We decided to take the southbound cruise due to the fact of the horror stories we heard on the embarkation in Vancouver. We arrived at anchorage airport and were on the bus, baggage loaded in about 20 min. The bus trip to Whittier takes ... Read More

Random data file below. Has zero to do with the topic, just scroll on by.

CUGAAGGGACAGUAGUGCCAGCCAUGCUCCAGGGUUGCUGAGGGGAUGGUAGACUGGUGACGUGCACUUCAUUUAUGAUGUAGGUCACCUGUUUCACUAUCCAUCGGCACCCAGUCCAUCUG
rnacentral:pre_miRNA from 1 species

We decided to take the southbound cruise due to the fact of the horror stories we heard on the embarkation in Vancouver. We arrived at anchorage airport and were on the bus, baggage loaded in about 20 min. The bus trip to Whittier takes about 1 1/2 hrs. I personally don't like the bus part but this was a pleasure, landscape was wonderful and driver really kept our minds off the trip by stories of the sites and the winter snows Embarkation: Arrived at the boat a tad late due to a very large mountain and a very small tunnel shared by cars and a train. The train has the right of way so the delay was about 30 min. Arrived at the ship, the one thing i have not figured out is the big whoop de doo about filling out the FUN PASS and how much time it takes off the embarkation. We spent about 45 min in line, as we have on the 3 other cruises we have taken on carnival, and they didn't have this fun pass filled out by us. The line went fast, the people knew what they were doing and were very friendly and helpful. Cabin: The stateroom we booked was a 7a obstructed view guarantee (the lifeboat is right below balcony). The wife is afraid of heights so i figured it would work out better that way and she agreed. Carnival upgraded us 3 floors above the lifeboat, so much for the best laid plans of mice, men and husbands. It worked out well, the wife just didn't go to the rail and she loved it. I did check out the floor we booked and i would take that in a heart beat. You have a great view of every thing from a 7a and the ocean life (whales, seals etc. don't get close to the ship. But a word of warning i don't think you get a decent view with the lower floors and the french doors. The Steward was great, he responded quickly to the 3 calls we made to him in the 7 days. Luggage arrived at door intact about 2 hrs later. We were supposed to leave at 9 pm but never did pull out of port till almost 11:30 due to a load of luggage being held up because of a train in the tunnel could not get through. There's that train again. Ship: There are several decors on the spirit, all very nice . The spirit is the smallest ship that we have cruised on but we really didn't notice it. The ship is very clean and neat and well kept up. I was on lido deck with the wife at lunch. She wanted Chinese and i hate Chinese food so i went to the grill to order a steak sandwich. The line was long so it took a few extra min so i grabbed a hot dog and some fries and stood by a table and was picking on them. Someone said hi, i turned said hi, looked back and everything was gone. My advice, don't stand, SIT at the table. These people take there job very seriously. Ship and crew met and exceeded our expectation. Oh yes a special thanks to Jonathan, the fellow in charge of the shopping dept in the towns. He was Fabulous. He took real good care of a very special item i wanted to buy the wife for our 23rd anniversary. This fellow knows his job well, of the cruises we have been on Jonathan is in my opinion the best we have seen. He follows through and if you have a special item he will follow through. If you read this, Jonathan thanks again. Shore excursions: Ok, before i go into this i have read reviews where people say Carnival charges more and you can get off the ship and book your own. Well, i checked out everything we did and i found the most difference was the fishing and that was 20 dollars the rest were from 2 dollars to 4 dollars more. In my opinion, the time we saved by booking them on ship (through the TV) saved from standing in line running around and hoping we could get what we wanted. I have no doubt that carnival gets a discount of some type due to the volume but i sure don't begrudge them that. There is a lot to do there and the time is short. We booked 1 thing in every port using the TV. The wife had looked for weeks prior to our trip at the excursions and carnival had sent us a e-mail upon request that was more in detail on the many many things they offer. Sitka: We arrived late in Sitka, due to the late start. there's that train still haunting us and that tunnel i mentioned above. so we were late getting off ship for this excursion Salmon fishing. it was early and the kings were just coming in but we did get our 2 limit and the other couple got there 2 and one was lost all in about 1 hr on the water. Mid june to july and they will be farther north in Ketchikan where the limit is larger but the cost of shipping them home can get expensive. We had 3 shipped home (the other couple gave their's away ) one fresh and 2 smoked. The cost for processing the fish as about 160 dollars the shipping 85 dollars The captain was a great guy and the experience was a blast. But at 28 dollars a lb for smoked salmon in the store, this was a bargain Juneau: We booked the gold panning and salmon bake and it was ok. They do spike the pans they 1st give to so you find gold but the place you pan for gold on your own is long panned out. There is an excursion i forgot the name where you go to a dredge and you can sell the gold you get if you wish. i think i'll keep my day job. The amount of gold i would need for the knee replacement and the back braces would put me far in debt. At least my job has insurance if i would ever need that. Salmon bake was also ok but nothing to write home to mom about. we did have some time left after the wife dragged me around town shopping so we took a bus to Mendenhall Glacier and i have to say it is worth looking into. It was breathtaking. Skagway: We booked the white pass railroad and trail camp combination. The train takes you to the summit where the 1898 gold rush was started and it was GREAT. I highly recommend you look into this one. We took a bus from the summit to the trail camp, this was also very good. The little skit they put on was funny and entertaining. The buildings that are there are replicas of the gold rush days and are very interesting. We enjoyed this very much. Ketchikan: Ok take a raincoat here folks, average rain fall is 13 to 16 feet a yr. Yupper, that's what they said 13 to 16 FOOT. Here we booked the George Inlet Lodge wilderness crabbing adventure. This was fun and interesting and the crab dinner you eat after the boat ride is delicious. The captain and 1st mate were great and we had a lot of fun. Again wife dragged me around town shopping but these people plan ahead for the rain. The store fronts are covered and they have boardwalks. Over all cruise: This is our 4th cruise and our 3rd on carnival and my wife and i believe it was the best thing we ever did and the best place we have ever gone. If you decide to go do yourself a big favor and get a balcony, there is a ton to see and unless you want to run up to the deck 90% of the time it's well worth it. My wife wanted an inside stateroom. I talked her into the balcony. Now she is telling everyone that it was the best thing i ever changed her mind on and that coming from my wife is like moses giving you the shortcut through the desert. Also take a good camera. I got some great shots of whales from the balcony. Dining: food was good, servers were good, our waiter steered us away from anything he believed that was not up to par. I ordered an anniversary cake 2 days earlier for the wife. It was delicious and he make a special effort to make the celebration very pleasurable. Entertainment: Everything we saw and attended was very good and done well. Value: Well worth the money and them some. Carnival does a super job on the Alaska cruise from the crew to the people they get for the excursions. We are planning on going back next year to see the things we didn't have time for. Excellent job Carnival Sprit Read Less